GPKNews – Have you seen the 30 Years of Garbage movie that Joe and Jeff directed? What were your thoughts of the movie?
JM – I thought it was really well done. I love the history of it. I love seeing the other artists being interviewed in their studios. I’m a fan of seeing what materials they work with, how they setup. I just think that’s really interesting.
GPKNews – This is your second GCC in Las Vegas. How does this one compare to the first? Do you enjoy meeting and chatting with the fans?
JM – It’s good now that I’m officially in the club, and everyone’s seen my sketch cards and appreciated them and like the way I’m going with that. I’m an old school Mad Magazine reader so that black, white, and gray approach is a holdover to how I was taught from Mad Magazine illustrations. That response has been really really well.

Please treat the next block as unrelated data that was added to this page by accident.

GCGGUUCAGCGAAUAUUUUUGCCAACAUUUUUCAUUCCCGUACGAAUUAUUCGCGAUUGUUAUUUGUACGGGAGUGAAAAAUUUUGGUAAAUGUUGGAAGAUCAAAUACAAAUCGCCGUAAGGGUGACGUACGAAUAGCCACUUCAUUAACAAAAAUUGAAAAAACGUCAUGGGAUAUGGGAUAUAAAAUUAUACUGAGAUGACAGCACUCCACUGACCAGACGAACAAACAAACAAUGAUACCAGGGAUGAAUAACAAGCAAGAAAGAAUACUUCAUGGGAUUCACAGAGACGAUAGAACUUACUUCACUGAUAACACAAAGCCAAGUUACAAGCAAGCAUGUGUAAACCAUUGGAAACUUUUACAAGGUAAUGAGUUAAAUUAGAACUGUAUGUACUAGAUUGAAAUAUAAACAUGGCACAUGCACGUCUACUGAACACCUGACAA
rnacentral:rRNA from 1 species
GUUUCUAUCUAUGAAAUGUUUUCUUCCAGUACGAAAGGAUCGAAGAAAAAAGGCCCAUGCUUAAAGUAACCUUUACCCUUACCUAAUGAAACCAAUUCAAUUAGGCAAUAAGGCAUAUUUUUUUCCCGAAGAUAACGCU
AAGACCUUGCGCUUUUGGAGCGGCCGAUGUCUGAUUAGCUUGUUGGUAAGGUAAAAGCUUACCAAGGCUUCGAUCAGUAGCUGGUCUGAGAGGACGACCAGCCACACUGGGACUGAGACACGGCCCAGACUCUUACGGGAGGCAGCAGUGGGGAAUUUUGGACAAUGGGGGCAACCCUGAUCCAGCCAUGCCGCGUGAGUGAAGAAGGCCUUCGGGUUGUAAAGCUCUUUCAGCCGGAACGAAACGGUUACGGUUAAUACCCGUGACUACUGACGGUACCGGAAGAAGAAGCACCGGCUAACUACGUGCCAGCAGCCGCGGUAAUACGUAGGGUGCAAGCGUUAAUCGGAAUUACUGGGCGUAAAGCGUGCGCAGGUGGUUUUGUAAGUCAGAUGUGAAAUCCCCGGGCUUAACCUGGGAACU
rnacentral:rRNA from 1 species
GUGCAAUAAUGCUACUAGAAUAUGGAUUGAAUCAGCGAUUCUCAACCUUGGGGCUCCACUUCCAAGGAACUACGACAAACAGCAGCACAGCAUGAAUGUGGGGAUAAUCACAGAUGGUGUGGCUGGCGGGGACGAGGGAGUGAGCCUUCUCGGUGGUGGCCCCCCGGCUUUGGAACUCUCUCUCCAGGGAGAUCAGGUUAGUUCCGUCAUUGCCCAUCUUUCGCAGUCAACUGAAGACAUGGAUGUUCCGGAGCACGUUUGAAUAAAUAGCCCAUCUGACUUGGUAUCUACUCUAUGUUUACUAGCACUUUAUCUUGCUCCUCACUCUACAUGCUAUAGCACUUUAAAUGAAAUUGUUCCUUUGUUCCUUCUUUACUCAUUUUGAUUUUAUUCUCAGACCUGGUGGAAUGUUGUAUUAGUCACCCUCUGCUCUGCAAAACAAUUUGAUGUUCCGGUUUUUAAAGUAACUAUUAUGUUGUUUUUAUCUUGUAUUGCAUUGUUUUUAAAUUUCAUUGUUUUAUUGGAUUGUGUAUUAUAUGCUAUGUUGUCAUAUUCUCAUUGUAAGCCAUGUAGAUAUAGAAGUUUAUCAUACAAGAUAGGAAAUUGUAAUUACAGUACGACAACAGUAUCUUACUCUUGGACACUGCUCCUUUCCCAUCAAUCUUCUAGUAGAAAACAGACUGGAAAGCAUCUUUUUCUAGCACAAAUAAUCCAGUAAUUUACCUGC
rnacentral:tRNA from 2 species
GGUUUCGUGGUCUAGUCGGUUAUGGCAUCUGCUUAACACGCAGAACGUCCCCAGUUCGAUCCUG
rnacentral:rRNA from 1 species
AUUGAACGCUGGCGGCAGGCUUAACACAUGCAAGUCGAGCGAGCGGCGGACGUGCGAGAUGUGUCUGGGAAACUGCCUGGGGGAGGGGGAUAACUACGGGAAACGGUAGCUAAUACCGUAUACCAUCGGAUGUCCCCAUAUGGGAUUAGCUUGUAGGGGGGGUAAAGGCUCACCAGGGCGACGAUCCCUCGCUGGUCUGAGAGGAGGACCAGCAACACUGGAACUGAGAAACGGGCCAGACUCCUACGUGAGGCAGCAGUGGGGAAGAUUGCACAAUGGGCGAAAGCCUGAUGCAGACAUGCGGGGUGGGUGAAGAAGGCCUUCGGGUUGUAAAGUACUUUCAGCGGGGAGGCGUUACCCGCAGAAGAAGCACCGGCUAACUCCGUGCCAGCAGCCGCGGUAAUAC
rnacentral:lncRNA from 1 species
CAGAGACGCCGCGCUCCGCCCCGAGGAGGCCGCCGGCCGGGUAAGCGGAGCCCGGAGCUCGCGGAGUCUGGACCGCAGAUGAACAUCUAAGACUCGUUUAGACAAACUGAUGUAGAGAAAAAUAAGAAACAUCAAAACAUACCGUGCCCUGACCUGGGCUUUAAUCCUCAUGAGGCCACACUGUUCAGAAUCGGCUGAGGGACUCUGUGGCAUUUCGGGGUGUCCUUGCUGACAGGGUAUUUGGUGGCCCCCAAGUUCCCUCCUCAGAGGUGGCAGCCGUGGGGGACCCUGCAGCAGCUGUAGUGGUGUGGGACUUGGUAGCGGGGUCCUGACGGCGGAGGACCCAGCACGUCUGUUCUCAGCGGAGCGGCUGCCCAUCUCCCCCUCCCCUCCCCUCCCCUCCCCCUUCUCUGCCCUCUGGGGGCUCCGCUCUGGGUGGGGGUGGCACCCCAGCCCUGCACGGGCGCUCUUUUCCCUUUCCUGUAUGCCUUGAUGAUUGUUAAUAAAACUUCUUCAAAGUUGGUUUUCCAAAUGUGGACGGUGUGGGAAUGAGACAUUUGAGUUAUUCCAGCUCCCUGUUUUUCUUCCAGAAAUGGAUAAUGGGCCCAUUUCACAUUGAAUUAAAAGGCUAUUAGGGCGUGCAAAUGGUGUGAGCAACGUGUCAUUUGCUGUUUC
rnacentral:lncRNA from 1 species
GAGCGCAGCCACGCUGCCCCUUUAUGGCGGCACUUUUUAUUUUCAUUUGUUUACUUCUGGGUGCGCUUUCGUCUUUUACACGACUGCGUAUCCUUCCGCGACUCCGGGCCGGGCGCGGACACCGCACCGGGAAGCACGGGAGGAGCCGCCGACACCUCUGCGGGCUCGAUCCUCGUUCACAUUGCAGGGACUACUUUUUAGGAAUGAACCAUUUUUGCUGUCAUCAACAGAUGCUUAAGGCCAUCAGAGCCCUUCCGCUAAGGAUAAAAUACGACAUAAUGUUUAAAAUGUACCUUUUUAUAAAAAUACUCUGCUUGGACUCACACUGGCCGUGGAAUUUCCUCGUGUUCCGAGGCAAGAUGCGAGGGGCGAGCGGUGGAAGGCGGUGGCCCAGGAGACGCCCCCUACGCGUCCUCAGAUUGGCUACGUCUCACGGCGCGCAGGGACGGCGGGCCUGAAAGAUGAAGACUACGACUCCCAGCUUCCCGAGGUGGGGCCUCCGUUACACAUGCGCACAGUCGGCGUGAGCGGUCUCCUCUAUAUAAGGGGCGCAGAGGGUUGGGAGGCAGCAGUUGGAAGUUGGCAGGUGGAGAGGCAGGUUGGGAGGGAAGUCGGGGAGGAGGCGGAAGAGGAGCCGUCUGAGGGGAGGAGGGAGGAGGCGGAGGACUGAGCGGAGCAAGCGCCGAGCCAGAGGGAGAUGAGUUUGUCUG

GPKNews – Finally what is your favorite GPK?
JM – I’ll always love the monsters, but Joe Blow of course, the name sake. They did it right by naming the kids because everyone has their namesake favorite. I like Creepy Carol a lot. I don’t think she gets enough love among the monsters. Hairy Harriet, she’s fun to draw. She’s got a lot to work with. I usually trim her beard or cutting herself up somehow. I used to do a lot of hair illustration back in the 80’s, rock band type of stuff, so I got good at doing masses of hair. I enjoy that.